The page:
Of course, at the time the incident took place, everyone around the world held its breath. Seeing a player just collapse, then receive life-saving treatment on the pitch was shocking for everyone. There was also surprise that the game was to be restarted ‘because the players wanted to finish it’ as we thought at the time – the true story came later! It felt surreal when the game kicked off and it took a while for me, as a fan, to get back into it. I cheered, though, when Lukáš Hrádecký saved the penalty. I cheered even louder when Joel Pohjanpalo scored the only goal of the game. It felt weird, but what else is a football fan supposed to do in those situations?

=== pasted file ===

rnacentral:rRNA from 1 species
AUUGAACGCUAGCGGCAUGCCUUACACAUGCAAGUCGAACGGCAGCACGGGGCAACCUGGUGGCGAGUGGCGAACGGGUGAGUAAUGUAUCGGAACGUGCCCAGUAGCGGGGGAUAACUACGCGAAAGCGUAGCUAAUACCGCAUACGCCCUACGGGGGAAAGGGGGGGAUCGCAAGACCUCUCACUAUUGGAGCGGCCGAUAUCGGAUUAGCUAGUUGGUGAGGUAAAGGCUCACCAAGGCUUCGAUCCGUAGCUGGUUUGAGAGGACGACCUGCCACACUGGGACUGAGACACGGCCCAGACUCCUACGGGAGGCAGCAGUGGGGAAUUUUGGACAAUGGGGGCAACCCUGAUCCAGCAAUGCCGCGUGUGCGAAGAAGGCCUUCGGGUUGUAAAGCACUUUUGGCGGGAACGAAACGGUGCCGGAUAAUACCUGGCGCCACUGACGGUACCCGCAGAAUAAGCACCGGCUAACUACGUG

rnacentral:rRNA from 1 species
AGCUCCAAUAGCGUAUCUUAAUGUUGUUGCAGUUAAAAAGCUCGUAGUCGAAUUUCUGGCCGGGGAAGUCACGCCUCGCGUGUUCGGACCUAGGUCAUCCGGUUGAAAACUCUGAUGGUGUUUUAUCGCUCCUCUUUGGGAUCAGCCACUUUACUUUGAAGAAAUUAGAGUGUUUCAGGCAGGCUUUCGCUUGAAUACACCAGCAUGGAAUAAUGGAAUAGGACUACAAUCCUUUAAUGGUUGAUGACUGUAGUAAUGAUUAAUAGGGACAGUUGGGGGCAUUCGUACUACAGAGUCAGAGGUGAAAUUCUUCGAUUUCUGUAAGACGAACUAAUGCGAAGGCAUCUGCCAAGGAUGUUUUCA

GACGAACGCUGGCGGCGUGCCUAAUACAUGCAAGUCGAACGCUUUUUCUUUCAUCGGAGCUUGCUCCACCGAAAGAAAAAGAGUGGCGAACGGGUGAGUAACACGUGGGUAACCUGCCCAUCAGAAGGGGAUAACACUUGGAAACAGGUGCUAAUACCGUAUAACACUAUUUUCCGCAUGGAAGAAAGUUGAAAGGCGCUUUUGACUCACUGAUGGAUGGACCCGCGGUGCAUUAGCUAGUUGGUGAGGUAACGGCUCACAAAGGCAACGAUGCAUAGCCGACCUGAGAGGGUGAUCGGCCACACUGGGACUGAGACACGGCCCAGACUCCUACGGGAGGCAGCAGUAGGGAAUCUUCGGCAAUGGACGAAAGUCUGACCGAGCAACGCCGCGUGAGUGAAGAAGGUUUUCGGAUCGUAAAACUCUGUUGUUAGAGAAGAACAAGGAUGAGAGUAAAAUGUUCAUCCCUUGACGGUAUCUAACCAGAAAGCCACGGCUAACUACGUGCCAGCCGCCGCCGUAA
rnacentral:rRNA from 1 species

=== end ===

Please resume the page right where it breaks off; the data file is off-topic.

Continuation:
In the days after, it was quite confusing. Were we, as Finland fans, allowed to celebrate beating Denmark? Did it even count as a victory, in light of what happened to Christian Eriksen? Upon reflection, I realised that it was a difficult situation for all the players, staff and match officials. Yes, the Danish team feared for their teammate and friend, but the Finnish players also went through a very similar experience with them. A scary situation for every one of them. I also considered, what were the Finland players supposed to do? They probably didn’t want to play, but had to motivate themselves to play a competitive match under these conditions. So, while it was exactly equal for both sides, I feel that Finland had a right to compete to try to win, as did Denmark.